After six years living in Dublin, I’ve had to come to grips with one undeniable truth. Whether you’re a party type, a history buff, a nature enthusiast, a whiskey connoisseur, or simply want to check Ireland off the bucket list, just about everyone wants to see Dublin. And tiny Dublin is well able to meet your needs.
But, for a group of guys (“lads” in local parlance) looking to get away for a few days of male camaraderie and bonding, the Irish capital is particularly well suited to the task.
With a compact downtown that’s easily reached from the airport and boasts hotels in every price range, hundreds of bars/pubs and restaurants, whiskey shops, sports venues, and great steaks (minus the steakhouse prices), Dublin has it all. But the wealth of choices can be a bit daunting.
What follows is one American ex-pat’s highly subjective (but, of course, 100% spot on) list of stops for the “perfect” guys’ weekend in Dublin. And I’ve included a few stops where you lads can pick up something for that special someone back at home.
Kevin & Howlin (Wool and tweeds) Acting under the assumption that you’ll want to look the part of an Irishman (or know someone at home who might), this is the go-to spot for flat caps, tweed vests and jackets, and wool scarves that are easy to pack and make great gifts.
31 Nassau Street (www.kevinandhowlin.com)
Celtic Whiskey Shop (Wine and Spirits) This shop is, hands down, Dublin’s best (and most convenient) shop for everyone from whiskey aficionados to the whiskey curious. Yes, it’s in a tourist district, but the selection is so extensive, and the prices so good, that it’s the preferred whiskey stockist for locals. Bottles on offer include not just the full range of Irish whiskeys, but a deep selection of Scotch whisky as well.
The Celtic Whiskey salespeople are not pushy, offer regular tastings, good advice, and will ship your purchases home (though it’s expensive unless you’re shipping in quantity). The Celtic Whiskey Shop also has an entire wall of sample (airline-sized) whiskey bottles, so you can put together a selection of your favorites rather than buying full bottles. And for the wine lovers in your party, the other half of their name is “Wines on the Green”.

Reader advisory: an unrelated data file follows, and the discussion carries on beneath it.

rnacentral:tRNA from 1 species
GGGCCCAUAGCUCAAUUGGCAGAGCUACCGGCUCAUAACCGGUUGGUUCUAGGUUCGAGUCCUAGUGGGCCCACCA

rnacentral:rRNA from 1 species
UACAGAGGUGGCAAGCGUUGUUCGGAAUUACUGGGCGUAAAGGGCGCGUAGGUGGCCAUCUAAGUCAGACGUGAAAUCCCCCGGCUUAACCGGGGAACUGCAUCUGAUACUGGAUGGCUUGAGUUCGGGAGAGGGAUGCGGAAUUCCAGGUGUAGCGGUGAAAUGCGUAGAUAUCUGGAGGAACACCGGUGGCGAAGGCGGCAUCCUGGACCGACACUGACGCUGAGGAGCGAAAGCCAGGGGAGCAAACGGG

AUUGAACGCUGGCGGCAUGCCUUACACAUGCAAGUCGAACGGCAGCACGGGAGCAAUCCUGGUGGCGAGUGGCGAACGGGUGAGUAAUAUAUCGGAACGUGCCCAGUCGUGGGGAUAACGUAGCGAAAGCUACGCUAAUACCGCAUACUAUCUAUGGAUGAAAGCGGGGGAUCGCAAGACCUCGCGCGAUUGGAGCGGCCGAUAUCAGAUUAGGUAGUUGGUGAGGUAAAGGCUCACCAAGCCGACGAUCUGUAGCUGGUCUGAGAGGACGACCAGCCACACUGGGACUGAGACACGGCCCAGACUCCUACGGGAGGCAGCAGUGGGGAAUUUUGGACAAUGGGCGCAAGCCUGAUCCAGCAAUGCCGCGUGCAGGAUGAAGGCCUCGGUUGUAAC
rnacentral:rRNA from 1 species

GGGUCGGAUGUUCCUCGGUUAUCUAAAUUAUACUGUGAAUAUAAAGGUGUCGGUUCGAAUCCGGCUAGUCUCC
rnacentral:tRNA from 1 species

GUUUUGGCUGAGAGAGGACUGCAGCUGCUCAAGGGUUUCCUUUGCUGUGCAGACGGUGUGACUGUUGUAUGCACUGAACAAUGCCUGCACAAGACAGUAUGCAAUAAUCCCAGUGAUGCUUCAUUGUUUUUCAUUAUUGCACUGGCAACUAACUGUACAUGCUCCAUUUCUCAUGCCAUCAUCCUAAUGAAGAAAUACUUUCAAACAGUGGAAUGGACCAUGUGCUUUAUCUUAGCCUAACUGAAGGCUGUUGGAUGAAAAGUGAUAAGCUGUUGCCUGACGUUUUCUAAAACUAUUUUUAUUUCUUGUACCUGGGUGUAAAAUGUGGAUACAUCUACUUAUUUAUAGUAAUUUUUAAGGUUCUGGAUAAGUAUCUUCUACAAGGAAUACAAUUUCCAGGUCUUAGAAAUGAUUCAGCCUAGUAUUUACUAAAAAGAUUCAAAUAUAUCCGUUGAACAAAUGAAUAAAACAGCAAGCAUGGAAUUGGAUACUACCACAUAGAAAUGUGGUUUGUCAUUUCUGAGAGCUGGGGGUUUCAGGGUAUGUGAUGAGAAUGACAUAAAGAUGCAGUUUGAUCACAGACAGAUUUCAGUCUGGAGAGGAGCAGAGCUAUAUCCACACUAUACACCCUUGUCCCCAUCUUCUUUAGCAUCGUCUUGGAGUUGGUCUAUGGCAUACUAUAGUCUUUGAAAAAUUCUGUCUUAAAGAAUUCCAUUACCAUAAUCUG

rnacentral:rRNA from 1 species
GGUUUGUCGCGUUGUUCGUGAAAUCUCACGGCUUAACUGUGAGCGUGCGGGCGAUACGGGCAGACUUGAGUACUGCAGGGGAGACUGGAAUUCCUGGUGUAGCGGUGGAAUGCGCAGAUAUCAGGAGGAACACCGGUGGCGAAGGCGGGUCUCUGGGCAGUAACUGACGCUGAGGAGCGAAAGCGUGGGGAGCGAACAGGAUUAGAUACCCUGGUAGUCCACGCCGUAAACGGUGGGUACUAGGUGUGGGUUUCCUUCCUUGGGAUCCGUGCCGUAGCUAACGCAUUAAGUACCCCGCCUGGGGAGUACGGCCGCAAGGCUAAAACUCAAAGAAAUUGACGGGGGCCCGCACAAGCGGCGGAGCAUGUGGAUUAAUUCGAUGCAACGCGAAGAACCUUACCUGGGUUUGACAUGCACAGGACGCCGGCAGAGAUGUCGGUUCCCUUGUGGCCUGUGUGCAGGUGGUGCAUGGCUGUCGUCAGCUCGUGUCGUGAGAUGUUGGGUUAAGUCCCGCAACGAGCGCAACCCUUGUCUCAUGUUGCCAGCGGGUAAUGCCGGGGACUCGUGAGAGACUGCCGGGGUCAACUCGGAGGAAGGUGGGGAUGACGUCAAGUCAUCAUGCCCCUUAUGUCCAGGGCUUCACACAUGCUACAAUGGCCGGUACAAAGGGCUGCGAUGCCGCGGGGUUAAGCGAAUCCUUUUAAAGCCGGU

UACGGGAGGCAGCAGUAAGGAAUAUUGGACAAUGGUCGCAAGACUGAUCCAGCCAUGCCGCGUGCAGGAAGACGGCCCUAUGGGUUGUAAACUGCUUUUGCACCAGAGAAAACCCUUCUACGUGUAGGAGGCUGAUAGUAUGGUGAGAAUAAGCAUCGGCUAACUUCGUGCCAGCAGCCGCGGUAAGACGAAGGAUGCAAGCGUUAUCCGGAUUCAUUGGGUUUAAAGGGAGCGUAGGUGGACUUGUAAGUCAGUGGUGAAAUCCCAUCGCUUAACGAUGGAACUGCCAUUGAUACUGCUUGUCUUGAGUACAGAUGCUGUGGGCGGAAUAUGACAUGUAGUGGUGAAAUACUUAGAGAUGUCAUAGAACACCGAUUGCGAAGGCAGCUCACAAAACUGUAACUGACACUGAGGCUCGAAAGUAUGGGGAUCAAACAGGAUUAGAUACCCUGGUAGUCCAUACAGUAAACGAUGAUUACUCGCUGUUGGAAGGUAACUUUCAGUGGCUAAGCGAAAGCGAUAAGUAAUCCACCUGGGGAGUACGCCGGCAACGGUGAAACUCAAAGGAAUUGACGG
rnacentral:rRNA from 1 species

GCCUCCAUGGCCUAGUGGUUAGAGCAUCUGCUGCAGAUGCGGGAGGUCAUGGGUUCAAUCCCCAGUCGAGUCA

27-28 Dawson Street (http://www.celticwhiskeyshop.com
Peterson of Dublin (Tobacconists) – If you’ve left home without cigars for the weekend, or fancy a classic pipe to compliment your new flat cap, Peterson of Dublin has been supplying Dublin with pipes, cigars, and all things tobacco since 1865.
In addition to a wall full of pipes (their signature product), and a wide selection of their own branded tobacco, tools, pouches, lighters, and sage advice, they have a walk-in humidor of Cuba’s best. Yes, you heard correctly. If you’re from the U.S.A, this is Ireland, where there are no trade restrictions, so Peterson’s humidor specializes in Cuban cigars.
48-49 Nassau Street (www.peterson.ie)
Croke Park (Sports) – If you and your mates fancy a match while you’re in town, then “Croker” is the place to go. It’s Dublin’s premiere stadium, the third largest in Europe, and the home of GAA (the Gaelic Athletic Association, which promotes traditional Irish sports). Under the GAA banner, the stadium hosts Gaelic football and hurling matches. It’s also possible to catch soccer (football) and rugby matches. And, in keeping with its involvement and promotion of indigenous sports, Croke Park is also home to the GAA Museum, a fascinating repository of all things Irish sports.